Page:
Gary K. Wolfe Reviews Spirits Abroad by Zen Cho
Spirits Abroad, Zen Cho (Small Beer 978-1-618-73186-9, $17.00, 352pp, tp), August 2021.[Expanded from the 2015 edition.]
Before Zen Cho earned well-deserved popularity for her revisionist Regency-era fantasies Sorcerer to the Crown and The True Queen, she received the 2015 Crawford Award for her collection Spirits Abroad, from the Malaysian publisher Fixi Novo. It seems fair to say that not a lot of international readers got hold of that book, but even for those who did, the new edition from Small Beer Press is far more substantial, containing 19 stories to that original edition’s seven. Among the additions is the Hugo-winning “If At First You Don’t Succeed, Try, Try Again”, a moving and delightful saga of an age-old aspiring dragon (called an imugi) and its sadly mortal human friend, but that’s not the only example of the versatility of Cho’s talent on display here. We do meet another dragon, in the hilarious “Prudence and the Dragon”, in which London is transformed by magic – pigeons growing human bodies and entering the workforce (“they had a firm grasp of commercial realities, and never went on Facebook”), buses turning into cats, and most of all a giant dragon curling itself around the famed Gherkin building. Prudence, having grown up in Malaysia, is less taken aback than most Brits, because “In Britain people were far too sophisticated to pray to their spirits. Instead they wrote articles about them.” The main part of the story concerns the dragon’s infatuation with the rather incurious Prudence, even though in his human form he sometimes seems like a parody of toxic masculinity.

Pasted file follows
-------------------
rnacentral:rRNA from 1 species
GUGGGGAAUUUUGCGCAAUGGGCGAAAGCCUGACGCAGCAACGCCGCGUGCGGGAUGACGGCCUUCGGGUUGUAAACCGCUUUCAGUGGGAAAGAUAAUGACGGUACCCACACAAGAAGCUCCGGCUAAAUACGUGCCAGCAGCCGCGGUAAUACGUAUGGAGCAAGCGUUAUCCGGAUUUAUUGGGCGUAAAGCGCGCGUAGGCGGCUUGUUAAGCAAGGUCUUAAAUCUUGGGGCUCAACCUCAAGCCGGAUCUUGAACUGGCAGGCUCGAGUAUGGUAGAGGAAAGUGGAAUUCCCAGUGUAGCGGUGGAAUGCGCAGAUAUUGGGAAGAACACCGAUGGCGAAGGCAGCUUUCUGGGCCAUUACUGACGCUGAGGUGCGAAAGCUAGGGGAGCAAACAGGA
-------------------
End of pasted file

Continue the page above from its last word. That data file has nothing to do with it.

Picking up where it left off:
That cultural contrast between British and Malaysian (or sometimes Chinese) approaches to the spirit world is perhaps the most fascinating recurring theme in the collection. In “The Mystery of the Suet Swain”, a group of Malaysian students at Cambridge are intrigued by a mysterious character on Facebook who seems to know all of them, and who turns out to be an orang minyak, one of an impressively rich variety of Malaysian supernatural figures that Cho introduces us to. (In another story, “First National Forum on the Position of Minorities in Malaysia”, a disembodied voice called an orang bunian demands official status as a recognized minority). Two stories, “Rising Lion – The Lion Bows” and “Seven Star Dream”, feature a Chinese dance troupe in England whose secret mission is ghostbusting – but we eventually learn that their founder, once a child haunted by ghosts and vampires, has gone off to earn his fortune in London at Goldman Sachs. The supernatural tables are turned a bit in “One-Day Travelcard for Fairyland”, in which a group of Malaysian students at a remote English university are besieged by the local fairies after one of the students accidentally kills one by stepping on it.